Nicola Sturgeon has pledged to scrap domiciliary care charges for all people living in Scotland.
Speaking at the SNP conference this week, the First Minister promised to deliver the policy if she is re-elected in 2021.
Free personal care was introduced for over 65s in Scotland more than 17 years ago, and in April this year legislation was extended to include younger people with degenerative conditions.
But fees remain for a raft of services provided in people’s own houses.
Sturgeon said in her keynote speech: “I know from my own constituency experience that charges can be a barrier to people accessing the support they need.
“And if they can’t get that support in their own homes, they are more likely to end up in hospital. So today, I make this pledge.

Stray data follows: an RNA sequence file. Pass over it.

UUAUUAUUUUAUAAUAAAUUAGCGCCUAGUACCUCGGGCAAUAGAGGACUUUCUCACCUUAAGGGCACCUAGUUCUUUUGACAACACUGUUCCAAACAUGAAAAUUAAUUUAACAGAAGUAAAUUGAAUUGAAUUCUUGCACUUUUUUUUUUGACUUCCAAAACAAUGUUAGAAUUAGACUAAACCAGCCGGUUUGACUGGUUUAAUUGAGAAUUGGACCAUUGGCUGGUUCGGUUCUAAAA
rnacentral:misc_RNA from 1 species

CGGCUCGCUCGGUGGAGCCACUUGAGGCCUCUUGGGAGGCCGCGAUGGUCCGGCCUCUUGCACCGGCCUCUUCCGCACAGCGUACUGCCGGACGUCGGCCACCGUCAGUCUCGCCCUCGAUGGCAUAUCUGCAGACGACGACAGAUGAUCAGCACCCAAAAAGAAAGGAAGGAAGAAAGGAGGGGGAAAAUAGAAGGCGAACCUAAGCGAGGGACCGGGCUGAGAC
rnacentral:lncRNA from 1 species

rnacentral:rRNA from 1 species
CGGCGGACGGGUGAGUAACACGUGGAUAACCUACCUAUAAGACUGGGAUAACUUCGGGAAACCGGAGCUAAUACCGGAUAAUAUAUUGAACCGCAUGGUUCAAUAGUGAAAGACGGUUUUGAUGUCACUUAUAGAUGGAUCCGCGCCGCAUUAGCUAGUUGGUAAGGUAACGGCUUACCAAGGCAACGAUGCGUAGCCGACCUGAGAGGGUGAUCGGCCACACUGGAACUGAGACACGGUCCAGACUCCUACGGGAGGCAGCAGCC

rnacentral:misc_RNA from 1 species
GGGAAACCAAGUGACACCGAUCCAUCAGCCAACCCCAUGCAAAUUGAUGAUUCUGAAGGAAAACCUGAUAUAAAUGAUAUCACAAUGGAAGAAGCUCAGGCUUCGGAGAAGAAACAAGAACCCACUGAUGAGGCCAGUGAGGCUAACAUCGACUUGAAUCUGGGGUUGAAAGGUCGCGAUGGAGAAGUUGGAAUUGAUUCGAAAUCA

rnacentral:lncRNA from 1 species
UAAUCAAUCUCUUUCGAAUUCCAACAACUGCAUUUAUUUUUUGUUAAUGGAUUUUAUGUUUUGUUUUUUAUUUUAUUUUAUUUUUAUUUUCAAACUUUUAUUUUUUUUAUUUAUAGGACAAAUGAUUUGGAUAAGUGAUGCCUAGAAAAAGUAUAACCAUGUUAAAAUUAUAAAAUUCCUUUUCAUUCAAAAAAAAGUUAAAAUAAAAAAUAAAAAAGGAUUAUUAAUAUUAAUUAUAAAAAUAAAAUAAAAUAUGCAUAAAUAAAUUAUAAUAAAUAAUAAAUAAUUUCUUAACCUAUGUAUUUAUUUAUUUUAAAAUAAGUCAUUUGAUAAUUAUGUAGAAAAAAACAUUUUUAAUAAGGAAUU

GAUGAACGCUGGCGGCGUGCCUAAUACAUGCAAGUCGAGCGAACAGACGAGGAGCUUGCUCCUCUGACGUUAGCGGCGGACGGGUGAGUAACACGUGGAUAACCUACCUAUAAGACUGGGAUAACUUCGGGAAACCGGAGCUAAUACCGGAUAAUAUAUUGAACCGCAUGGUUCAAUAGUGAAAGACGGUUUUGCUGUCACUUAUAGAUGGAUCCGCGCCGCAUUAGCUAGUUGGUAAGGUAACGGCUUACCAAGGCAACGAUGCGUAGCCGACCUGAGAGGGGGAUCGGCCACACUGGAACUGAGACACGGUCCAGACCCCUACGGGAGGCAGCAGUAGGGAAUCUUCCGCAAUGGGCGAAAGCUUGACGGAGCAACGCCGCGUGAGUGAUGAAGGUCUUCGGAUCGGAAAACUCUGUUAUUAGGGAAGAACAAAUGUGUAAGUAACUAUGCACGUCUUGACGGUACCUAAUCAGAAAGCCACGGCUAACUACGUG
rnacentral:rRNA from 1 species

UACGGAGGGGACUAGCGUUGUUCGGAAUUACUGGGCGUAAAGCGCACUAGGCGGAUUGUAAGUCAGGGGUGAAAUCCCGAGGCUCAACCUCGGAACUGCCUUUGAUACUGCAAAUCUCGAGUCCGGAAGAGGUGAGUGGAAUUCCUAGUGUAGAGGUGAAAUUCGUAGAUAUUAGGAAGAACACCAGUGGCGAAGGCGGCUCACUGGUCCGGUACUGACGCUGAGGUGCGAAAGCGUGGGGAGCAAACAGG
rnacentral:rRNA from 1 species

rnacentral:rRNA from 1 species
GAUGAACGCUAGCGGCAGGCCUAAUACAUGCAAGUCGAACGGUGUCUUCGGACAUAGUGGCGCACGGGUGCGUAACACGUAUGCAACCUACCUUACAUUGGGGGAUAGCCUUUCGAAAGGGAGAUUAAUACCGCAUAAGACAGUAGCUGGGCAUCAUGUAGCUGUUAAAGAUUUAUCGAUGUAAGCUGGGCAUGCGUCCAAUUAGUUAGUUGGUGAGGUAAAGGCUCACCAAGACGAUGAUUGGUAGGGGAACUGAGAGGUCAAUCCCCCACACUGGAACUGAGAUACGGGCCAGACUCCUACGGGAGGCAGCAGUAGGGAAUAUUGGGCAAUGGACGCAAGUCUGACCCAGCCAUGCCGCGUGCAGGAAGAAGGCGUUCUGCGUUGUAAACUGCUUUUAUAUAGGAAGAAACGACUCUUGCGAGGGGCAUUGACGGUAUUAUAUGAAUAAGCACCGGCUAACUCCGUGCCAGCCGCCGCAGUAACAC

“If I am re-elected as First Minister at the Holyrood elections, then over the next parliament, the SNP will scrap non-residential social care charges for all.”
Free personal care is yet to be introduced in England, but the Labour party has promised to deliver this for over 65s if it comes into power at the next election.
The policy is part of Labour’s £6bn plans for a National Care Service and is set to more than double the number of people receiving state-funded care.
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